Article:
Vaudeville entertainers have gone the way of the dinosaurs, the Polaroid instant camera, and America Online. But in the world of live theater, their influence is still felt by nostalgists who miss the variety, camaraderie, and nonthreatening slapstick of the vaudeville show. Proof: Of the 34 plays Neil Simon has written since 1961, The Sunshine Boys, which charts the offstage enmity between two vaudeville comedians, is one of his most-produced. Simon wrote the play in 1972, when the comedy duo “Lewis and Clark” had gone their separate ways after an acrimonious falling-out. The story follows their attempt to reunite for a CBS special on the history of comedy. The Sunshine Boys is a staple of Broadway, regional, community, and international theaters alike, having been staged with cranky old men such as Alan Arkin, Walter Matthau, Woody Allen, and Peter Falk. The Miami Acting Company, one of South Florida’s newest theater companies, tries its hand at the comedy classic this Thursday through October 21, in a production directed by Richard Cifuentes.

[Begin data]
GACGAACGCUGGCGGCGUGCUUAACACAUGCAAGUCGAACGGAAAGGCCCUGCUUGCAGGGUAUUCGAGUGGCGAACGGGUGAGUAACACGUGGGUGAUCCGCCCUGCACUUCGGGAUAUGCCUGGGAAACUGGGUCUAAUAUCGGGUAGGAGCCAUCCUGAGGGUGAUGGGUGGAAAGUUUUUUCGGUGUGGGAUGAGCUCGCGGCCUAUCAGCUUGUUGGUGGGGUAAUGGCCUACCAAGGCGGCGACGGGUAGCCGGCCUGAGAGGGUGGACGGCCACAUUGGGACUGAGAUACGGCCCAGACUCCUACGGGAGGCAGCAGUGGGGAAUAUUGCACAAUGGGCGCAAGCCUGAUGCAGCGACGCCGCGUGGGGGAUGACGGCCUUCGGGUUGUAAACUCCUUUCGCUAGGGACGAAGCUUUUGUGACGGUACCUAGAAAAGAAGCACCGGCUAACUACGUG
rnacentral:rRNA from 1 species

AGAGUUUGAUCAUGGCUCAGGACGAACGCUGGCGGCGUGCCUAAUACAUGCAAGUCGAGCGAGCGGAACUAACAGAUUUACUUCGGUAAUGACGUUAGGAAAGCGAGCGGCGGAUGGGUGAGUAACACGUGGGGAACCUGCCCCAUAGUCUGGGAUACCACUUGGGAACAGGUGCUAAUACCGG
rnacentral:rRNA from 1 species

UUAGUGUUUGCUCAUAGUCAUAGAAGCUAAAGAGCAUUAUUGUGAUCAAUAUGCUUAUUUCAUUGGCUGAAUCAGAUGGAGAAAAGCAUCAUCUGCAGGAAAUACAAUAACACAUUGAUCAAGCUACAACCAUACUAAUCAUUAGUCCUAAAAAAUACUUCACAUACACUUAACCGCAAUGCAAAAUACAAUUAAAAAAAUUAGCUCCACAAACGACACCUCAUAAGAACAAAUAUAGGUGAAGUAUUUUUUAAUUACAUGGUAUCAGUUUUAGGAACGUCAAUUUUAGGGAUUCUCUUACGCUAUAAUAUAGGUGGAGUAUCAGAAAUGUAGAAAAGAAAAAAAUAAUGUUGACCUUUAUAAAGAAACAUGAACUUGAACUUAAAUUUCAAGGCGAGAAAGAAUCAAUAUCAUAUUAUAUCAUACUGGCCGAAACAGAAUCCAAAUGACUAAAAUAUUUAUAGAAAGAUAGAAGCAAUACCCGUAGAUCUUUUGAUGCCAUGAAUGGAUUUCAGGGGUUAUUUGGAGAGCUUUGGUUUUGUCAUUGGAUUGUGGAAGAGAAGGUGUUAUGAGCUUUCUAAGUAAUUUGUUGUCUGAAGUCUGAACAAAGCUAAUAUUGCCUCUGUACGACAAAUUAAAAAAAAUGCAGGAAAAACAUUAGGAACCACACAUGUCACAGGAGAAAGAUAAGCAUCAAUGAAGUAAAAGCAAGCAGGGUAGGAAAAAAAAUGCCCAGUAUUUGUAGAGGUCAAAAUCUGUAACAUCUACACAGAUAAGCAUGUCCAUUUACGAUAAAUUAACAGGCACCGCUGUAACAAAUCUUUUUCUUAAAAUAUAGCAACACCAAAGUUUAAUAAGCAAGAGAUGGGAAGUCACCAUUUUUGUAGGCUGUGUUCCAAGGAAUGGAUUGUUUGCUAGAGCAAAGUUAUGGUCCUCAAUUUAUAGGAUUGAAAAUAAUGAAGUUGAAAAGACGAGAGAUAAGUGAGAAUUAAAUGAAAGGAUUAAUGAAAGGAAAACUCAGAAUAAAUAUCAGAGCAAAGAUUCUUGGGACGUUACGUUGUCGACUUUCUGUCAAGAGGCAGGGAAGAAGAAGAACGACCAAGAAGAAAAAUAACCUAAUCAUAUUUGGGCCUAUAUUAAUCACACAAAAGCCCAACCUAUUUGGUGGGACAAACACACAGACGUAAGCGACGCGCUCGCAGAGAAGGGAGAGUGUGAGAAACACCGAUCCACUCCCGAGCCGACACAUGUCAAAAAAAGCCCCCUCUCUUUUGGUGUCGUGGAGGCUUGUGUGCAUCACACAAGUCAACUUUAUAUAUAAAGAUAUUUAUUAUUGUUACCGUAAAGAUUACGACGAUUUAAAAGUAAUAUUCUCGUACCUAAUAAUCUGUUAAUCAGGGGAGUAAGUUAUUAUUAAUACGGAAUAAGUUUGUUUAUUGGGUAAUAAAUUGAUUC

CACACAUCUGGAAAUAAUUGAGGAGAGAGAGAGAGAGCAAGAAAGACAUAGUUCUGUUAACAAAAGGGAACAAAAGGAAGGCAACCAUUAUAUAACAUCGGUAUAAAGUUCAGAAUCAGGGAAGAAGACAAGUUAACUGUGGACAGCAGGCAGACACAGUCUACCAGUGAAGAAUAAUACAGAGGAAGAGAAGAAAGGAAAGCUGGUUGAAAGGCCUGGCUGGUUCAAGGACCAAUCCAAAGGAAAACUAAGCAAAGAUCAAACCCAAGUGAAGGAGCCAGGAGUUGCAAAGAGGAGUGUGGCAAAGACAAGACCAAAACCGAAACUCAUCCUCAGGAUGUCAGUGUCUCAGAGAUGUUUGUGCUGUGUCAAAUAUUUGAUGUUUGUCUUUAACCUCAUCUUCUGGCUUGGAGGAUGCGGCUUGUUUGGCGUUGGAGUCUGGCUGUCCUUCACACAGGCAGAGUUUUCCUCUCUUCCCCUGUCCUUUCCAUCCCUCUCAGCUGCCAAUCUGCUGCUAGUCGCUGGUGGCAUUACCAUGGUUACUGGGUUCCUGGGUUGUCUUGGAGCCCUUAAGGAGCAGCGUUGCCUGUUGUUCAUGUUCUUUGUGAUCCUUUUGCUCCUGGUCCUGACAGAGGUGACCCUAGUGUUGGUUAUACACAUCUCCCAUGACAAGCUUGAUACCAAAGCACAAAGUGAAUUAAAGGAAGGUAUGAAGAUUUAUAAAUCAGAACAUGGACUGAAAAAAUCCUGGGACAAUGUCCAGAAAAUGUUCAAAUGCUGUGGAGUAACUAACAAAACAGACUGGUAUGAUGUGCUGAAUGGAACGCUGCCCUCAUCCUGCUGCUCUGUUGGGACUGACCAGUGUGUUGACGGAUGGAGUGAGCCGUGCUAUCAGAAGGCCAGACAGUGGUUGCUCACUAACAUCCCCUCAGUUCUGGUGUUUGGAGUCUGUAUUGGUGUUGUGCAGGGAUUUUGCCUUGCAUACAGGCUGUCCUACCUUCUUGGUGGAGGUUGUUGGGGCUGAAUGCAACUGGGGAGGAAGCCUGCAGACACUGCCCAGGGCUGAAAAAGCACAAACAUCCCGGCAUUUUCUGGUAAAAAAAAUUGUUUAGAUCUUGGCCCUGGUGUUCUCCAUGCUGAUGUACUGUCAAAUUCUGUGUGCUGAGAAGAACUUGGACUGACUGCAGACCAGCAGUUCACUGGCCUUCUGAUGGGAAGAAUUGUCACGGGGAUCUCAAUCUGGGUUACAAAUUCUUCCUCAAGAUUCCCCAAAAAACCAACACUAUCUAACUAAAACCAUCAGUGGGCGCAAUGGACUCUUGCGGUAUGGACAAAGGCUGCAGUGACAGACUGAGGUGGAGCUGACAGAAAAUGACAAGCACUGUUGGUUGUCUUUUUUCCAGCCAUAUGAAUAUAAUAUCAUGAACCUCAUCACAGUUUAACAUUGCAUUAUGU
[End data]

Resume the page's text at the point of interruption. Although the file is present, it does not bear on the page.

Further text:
Thursdays-Saturdays, 8 p.m.; Sundays, 2 p.m. Starts: Oct. 11. Continues through Oct. 21, 2012
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